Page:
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      E-Mail Tony@lathes.co.uk 
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      Boye & Emmes
      successors to
      Schumacher & Boye

      Boye and Emmes, formerly the Schumacher & Boye Company, were formed in 1899 (the Schumacher name was dropped in 1912) and based at 2245 to 2251 Spring Grove Avenue, Cincinnati, Ohio, USA. Their lathes were typical of the medium to large capacity machines of the time, having belt-driven cone-pulley headstocks with some larger types, in order to provide secure, slip-free low speeds, a "double" backgear mechanism. Machines with swings of 18", 20", 24", 26", 30", 32", 36", 42", 48" were offered with the larger sizes having a "triple-backgear" that could bring speeds down to as low as 2 r.p.m.
      On lathes without a full screwcutting gearbox the designer incorporated a supplementary fine-feed drive by belt, the cone drive for which can be seen protruding from the left-hand end of the headstock spindle with the drive pulley attached to the reduction gearbox at the headstock end of the leadscrew. Besides the "direct-drive" belt feed to the power shaft, a slower positive feed could be arranged by meshing a gear on the leadscrew to one on the feed rod.
      Headstock spindles were made from "
      the best hammered crucible steel" and ran in bronze bearings. An ordinary type of tumble reverse was fitted to the leadscrew drive and all but the largest lathes in the range were available with screwcutting by changewheels rather than a quick-change gearbox.

      Boye & Emmes 18" x 32" Standard Engine lathe circa 1902 - 1914

      Boye & Emmes 18" x 32" Instantaneous Change Gear Engine lathe circa 1902

      Boye & Emmes 24" x 36" Instantaneous Change Gear Engine lathe circa 1902-1914  with rack-feed tailstock.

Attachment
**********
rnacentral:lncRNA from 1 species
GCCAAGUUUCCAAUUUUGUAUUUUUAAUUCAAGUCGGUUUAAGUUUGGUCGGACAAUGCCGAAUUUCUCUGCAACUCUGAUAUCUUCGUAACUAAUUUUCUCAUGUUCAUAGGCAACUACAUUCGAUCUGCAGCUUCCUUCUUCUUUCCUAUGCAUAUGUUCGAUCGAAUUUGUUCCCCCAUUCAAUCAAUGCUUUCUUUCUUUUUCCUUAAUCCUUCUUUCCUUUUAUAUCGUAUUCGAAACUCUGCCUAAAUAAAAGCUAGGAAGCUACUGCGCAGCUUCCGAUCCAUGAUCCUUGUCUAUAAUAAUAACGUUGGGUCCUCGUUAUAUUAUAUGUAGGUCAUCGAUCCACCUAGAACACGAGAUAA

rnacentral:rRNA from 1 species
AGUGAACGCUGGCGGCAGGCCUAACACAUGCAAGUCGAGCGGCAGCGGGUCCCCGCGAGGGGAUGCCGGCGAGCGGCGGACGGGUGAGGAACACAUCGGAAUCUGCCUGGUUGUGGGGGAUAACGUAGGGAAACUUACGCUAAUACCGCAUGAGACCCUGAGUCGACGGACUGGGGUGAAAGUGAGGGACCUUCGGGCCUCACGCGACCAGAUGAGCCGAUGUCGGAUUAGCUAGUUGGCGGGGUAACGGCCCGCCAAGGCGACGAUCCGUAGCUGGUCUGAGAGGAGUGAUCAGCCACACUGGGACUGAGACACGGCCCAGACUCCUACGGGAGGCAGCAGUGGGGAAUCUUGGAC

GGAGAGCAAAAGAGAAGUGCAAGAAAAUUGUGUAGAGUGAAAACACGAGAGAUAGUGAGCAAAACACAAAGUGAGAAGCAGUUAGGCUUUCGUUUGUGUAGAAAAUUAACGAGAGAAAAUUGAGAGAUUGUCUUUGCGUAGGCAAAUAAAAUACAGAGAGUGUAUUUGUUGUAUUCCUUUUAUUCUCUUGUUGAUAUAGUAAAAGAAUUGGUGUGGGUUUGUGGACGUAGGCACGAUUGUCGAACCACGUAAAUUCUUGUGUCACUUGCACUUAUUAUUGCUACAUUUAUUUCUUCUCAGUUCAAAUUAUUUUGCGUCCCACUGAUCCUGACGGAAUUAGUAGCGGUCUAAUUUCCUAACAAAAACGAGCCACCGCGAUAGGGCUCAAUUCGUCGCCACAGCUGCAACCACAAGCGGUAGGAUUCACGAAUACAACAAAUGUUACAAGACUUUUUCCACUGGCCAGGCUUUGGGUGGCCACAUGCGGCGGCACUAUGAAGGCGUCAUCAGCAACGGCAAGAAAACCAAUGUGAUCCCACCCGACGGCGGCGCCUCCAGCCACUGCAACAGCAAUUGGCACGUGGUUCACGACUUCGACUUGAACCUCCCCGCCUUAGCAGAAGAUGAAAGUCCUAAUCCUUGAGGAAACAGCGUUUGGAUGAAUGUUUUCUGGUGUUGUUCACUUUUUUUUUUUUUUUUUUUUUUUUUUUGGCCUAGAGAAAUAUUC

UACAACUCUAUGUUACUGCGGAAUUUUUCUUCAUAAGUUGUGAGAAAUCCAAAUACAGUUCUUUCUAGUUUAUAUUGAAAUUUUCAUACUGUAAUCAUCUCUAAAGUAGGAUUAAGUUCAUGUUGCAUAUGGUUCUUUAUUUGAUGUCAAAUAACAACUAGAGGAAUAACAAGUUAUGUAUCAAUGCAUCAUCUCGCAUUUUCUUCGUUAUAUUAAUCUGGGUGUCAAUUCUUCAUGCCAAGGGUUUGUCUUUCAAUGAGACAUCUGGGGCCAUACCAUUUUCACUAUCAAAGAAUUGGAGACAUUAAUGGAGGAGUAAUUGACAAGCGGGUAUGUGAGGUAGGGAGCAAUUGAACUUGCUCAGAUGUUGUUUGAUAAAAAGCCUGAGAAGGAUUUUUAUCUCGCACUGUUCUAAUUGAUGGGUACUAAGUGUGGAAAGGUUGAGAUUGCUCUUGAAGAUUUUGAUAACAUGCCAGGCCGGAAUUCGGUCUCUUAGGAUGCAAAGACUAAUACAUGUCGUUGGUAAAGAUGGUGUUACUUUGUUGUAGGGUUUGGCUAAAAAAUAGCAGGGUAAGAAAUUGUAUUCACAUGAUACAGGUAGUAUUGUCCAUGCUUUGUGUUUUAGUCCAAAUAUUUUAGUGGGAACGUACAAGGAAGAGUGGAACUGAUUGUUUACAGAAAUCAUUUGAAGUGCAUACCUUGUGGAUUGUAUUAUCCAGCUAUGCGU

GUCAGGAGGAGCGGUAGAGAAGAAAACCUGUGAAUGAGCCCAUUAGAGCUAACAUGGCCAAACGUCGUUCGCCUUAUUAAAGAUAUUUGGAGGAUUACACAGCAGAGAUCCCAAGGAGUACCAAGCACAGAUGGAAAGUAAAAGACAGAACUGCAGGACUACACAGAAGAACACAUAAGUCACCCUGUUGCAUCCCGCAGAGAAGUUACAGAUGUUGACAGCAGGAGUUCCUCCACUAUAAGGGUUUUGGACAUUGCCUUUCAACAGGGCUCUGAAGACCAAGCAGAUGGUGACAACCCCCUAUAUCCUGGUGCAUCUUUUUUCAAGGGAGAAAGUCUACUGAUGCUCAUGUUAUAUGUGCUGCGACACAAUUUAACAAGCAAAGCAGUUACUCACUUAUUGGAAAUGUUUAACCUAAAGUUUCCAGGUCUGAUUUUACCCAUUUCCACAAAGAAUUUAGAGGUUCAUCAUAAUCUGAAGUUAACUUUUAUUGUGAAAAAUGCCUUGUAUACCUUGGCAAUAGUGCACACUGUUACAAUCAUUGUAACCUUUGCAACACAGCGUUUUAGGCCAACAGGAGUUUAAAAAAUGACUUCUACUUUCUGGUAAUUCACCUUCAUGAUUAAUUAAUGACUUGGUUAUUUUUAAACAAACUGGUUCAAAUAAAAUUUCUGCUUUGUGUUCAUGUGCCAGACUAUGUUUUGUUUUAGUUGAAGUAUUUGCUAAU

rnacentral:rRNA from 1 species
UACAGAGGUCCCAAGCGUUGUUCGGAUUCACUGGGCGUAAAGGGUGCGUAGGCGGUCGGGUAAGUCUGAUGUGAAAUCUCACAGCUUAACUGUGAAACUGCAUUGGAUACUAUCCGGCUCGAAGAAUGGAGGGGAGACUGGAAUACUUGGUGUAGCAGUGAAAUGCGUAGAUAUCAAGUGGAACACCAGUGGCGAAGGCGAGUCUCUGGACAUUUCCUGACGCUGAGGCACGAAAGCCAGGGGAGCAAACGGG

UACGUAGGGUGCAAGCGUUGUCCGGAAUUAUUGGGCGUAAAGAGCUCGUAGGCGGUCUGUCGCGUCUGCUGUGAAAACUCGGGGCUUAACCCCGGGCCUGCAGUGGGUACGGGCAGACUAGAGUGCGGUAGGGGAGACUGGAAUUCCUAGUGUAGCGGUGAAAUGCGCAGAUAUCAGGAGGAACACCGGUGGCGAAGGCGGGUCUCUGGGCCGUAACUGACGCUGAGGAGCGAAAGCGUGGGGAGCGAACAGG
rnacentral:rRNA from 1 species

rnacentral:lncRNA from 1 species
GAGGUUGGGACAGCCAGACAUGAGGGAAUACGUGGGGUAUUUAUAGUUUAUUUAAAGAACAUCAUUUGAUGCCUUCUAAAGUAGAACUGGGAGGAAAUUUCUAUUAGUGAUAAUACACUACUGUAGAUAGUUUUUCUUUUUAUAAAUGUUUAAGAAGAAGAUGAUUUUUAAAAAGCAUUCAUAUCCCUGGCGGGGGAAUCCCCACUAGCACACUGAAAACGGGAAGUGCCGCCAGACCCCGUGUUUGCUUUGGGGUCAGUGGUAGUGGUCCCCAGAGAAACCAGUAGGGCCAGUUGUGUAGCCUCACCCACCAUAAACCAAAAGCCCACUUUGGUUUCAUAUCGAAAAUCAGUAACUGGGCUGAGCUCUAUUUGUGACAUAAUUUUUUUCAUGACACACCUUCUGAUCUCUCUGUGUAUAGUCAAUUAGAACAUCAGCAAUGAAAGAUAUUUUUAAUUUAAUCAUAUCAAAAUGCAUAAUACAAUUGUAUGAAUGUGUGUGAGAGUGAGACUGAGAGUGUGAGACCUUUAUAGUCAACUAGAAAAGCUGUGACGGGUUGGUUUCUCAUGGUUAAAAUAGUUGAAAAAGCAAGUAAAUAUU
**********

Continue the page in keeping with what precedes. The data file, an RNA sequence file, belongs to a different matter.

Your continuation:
This double-backgeared engine lathe, with quick-change screwcutting gearbox and headstock-mounted motor was offered with swings of 18", 20", 24", 28", 32", 36", 42" and 48".  Spindle speeds were on the conservative side, with the smaller models allowed to span 9 to 392 rpm and the larger either 3 to 270 rpm or 2 to 222 r.p.m.
      For 1902 this was a relatively advanced lathe with the headstock-mounted, variable-speed drive motor freeing the customer from the tyranny of having to couple up his new machine to a labyrinth of overhead line shafting and arrange suitable belt-striking rods and couplings. Just how quietly the machine ran, with a small spur gear on the end of the motor shaft coupled to a double backgear reduction arrangement, may be safely left to conjecture.
      An interesting feature was the small handwheel, mounted outboard of the motor spindle, designed to let the operator turn the spindle by hand.

      E-Mail Tony@lathes.co.uk 
      Home    Machine Tool Archive    Machine Tools For Sale & Wanted
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      Boye & Emmes
      successors to
      Schumacher & Boye


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